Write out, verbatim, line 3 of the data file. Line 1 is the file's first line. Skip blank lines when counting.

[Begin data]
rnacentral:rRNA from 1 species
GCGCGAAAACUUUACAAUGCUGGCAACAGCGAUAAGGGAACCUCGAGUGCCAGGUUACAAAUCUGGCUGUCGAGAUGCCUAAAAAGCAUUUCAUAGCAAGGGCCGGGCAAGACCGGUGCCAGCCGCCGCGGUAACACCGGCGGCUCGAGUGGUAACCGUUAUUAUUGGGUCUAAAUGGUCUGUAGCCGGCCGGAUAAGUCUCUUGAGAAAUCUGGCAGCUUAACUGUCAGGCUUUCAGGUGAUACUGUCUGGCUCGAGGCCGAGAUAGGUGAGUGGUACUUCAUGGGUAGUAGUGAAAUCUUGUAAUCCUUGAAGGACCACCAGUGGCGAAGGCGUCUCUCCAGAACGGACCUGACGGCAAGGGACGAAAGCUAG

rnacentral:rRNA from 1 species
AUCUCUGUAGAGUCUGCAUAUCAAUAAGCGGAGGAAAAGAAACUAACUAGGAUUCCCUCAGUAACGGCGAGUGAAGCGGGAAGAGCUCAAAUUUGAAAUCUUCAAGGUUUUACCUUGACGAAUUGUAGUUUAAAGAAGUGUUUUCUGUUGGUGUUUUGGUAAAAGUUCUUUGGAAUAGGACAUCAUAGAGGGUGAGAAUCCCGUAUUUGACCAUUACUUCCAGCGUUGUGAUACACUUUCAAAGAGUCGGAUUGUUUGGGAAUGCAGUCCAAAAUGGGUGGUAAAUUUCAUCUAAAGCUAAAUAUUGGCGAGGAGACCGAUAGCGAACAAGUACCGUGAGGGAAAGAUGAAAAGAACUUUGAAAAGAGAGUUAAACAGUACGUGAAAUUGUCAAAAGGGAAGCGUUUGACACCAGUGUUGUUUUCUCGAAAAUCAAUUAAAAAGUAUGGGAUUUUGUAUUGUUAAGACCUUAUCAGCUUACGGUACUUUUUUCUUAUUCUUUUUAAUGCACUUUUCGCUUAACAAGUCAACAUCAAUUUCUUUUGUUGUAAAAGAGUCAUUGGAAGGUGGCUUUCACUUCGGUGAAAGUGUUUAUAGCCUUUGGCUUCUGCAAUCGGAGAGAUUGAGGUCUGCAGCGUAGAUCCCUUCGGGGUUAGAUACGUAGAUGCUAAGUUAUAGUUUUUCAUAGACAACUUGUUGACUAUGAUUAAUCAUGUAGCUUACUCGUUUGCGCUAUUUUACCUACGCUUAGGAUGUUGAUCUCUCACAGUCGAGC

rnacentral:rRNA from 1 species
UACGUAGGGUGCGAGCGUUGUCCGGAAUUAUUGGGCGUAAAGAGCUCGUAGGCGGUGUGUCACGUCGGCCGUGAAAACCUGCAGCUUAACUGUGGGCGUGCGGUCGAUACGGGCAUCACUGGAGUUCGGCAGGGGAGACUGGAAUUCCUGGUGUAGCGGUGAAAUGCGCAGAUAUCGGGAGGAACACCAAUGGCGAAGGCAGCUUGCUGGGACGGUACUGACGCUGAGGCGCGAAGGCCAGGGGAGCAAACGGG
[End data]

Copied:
rnacentral:rRNA from 1 species